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It can be noted that this particular tree does show a very open and spreading canopy, with several long horizontal limbs. This form is not unusual for Siberian Elm trees and does make it more prone to failure due to the added weight, leverage and poor taper. Urban trees in general are more susceptible to developing this spreading canopy structure. In a forest setting, trees in close proximity to one another encourage upright growth, whereas urban trees frequently do not have these restrictions and may spread more than usual. Additionally, Siberian Elm trees were badly affected by the Toronto ice storm in December, 2013. Many sections of these trees failed. This created openings in the canopy, exposing the tree structure to new environmental forces, such as wind load on parts of the tree that have never been exposed to wind before. This can initiate the formation of defects and cause failure. Storm damage also had the negative effect of stimulating sprouting growth in response to the lost foliage. Sprouting growth is weakly attached and often creates a “lions-tail” effect of a bushy end on a long poorly tapered limb. This kind of structure is also more prone to failure. One may speculate in the case of the Siberian Elm in Trinity Bellwoods Park that species played a significant role in the failure of the tree branch.

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While performing regular tree maintenance pruning, close inspection should be carried out by the arborists directly in the tree. Certain defects may be revealed at this time that would not be apparent from a ground inspection. In addition to removing dead branches, poorly attached branches or branches with weak unions, arborists should carefully evaluate long, overextended horizontal limbs. Reduction pruning cuts can be made on these limbs to reduce the weight, tension and wind resistance on the branch.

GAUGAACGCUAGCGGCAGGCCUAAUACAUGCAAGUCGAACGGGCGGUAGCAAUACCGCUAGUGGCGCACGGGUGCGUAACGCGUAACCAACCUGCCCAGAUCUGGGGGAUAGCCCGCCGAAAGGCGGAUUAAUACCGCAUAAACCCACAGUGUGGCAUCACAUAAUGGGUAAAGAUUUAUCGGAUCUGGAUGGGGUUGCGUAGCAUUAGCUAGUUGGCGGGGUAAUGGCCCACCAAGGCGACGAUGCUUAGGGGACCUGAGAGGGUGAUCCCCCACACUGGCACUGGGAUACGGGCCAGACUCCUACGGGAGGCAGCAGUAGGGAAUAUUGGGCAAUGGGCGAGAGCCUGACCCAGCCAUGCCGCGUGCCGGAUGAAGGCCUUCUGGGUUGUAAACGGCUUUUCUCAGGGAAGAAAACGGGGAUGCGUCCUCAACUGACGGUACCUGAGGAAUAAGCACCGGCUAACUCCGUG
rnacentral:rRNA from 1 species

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To provide protection from limb breakage or branch union failure, the arborist may install additional tree support. Cabling and bracing are effective methods of supporting a tree.

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Directly addressing tree health must also be a part of tree maintenance. A tree under stress will be more prone to failure. It is important to note that although a tree may have full foliage, it does not mean it is structurally sound, nor can it immediately be assumed that the tree is healthy and vigorous. Periods of drought are never good for plants and efforts must be made to keep trees watered. Improvements can also be made to the soil that the tree is rooted in. This will encourage water penetration into the soil and improve the available nutrients to the tree.

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Trees are an extremely important part of the urban environment. They provide oxygen and shade, and contribute to feelings of well-being and improved mental health. The tragic failure of the tree in Trinity Bellwoods Park reminds us that trees are living woody plants that are not structurally engineered by humans. Trees within our cities must be maintained to prevent these kinds of tragedies from occurring. Within the urban environment, trees require special attention for two crucial reasons. Firstly, the urban environment creates unusual conditions (unlike forests) and places additional stress on the trees. Secondly, trees within the city situate humans as potential targets for any tree failure. Not every tree failure can be predicted: however, regular and thorough maintenance by tree professionals greatly reduces potential risk and increases the longevity of the tree.

Tait Sala

Cohen & Master Tree and Shrub Services Ltd.

ISA Certified Arborist 0973A